Instead, students should be encouraged to seek an understanding of those exams as a stepping stone towards whatever goals in life they may have (questions that are just as applicable for the GSCSE pupil as the Degree student). Tapping into these internal motivators not only helps sustain effort and resilience, but can also then be used to help inform the study process by taking an action planning approach based, in part at least, on consideration of the implications of the long term goals that have been identified.

Setting study goals

Once a student has examined those elements, they are then more capable of considering the path that will lead them to actualise their goals. Again, this is an area where good coaching can be invaluable. Whether it is the encouragement of setting rewards, monitoring progress or managing relationships, the act of being aware of motivations and challenges greatly increases both the enjoyment of studying itself and the chances of achieving the desired result at the end of it. 

There is also the need for assurance and realisation to take into account. When confidence is waning, brick walls are hit and finding the motivation to continue can be difficult, so having the assurance that the goal is not only still attainable, but worthwhile is crucial. Similarly, being aware of what exam day itself will entail allows effective coping strategies to be set in place.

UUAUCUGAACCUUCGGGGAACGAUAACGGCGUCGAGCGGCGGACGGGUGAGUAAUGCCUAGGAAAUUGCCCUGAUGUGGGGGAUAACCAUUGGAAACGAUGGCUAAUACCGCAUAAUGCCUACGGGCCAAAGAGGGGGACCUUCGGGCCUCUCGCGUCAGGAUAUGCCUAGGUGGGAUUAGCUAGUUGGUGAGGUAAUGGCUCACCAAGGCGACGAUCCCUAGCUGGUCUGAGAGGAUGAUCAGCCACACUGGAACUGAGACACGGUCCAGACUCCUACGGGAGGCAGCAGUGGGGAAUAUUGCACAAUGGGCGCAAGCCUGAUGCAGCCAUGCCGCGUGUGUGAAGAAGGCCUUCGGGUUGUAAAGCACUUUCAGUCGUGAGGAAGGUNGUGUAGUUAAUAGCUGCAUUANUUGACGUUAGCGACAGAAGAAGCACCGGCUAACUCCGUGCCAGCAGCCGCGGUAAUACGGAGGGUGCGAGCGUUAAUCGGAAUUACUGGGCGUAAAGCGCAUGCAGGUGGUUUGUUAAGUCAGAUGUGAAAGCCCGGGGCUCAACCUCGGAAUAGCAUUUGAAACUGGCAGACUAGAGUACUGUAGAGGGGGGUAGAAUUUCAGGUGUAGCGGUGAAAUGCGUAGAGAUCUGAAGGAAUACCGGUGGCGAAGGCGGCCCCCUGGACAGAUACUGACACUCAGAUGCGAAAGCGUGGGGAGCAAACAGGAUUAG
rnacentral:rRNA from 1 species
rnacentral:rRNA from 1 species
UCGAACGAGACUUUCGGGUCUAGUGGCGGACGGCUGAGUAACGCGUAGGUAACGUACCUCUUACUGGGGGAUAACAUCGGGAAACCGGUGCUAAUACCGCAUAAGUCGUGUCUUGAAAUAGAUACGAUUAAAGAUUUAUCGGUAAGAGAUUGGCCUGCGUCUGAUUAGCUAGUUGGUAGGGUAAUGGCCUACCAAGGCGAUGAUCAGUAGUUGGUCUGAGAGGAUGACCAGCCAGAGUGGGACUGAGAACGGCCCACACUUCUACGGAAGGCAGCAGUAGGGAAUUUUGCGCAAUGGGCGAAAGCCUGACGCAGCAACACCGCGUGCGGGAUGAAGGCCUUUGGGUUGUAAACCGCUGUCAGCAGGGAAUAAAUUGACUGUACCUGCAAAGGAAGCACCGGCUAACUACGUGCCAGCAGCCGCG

At it its core, effective coaching with regard to studying should allow students to discover what is important to them and them alone.  To set goals which are truly aligned with their goals in life, to remind them of the things that really motivate them and to be comfortable with acknowledging those that don’t. These are all simple coaching techniques which I found greatly beneficial myself while at the Academy and feel a natural fit when applied to studying.

As a result, students will hopefully be capable of planning more effectively and able to keep a reassuring eye on how they are progressing, ensuring that their stress levels remain in healthy balance and their mental wellbeing remains strong.

Keeping motivated in the run up to an exam is crucial, as is ensuring that a student reaches the day of assessment ready to operate at their best, whatever that may be. Equally though, making sure that study remains a proportionate and connected part of the rest of the student’s life is of vital importance too and cannot be overlooked.

The power and usefulness of such techniques has not just been invaluable to me in my academic and later working life, but I could not have written The Sensible Study Toolkit without the insight that my coaching training at the Academy has given me.

The Sensible Study Toolkit: The self-coaching model for balancing personal well-being with study success is available to buy from Amazon. To get in touch with Steve and to find out more, please contact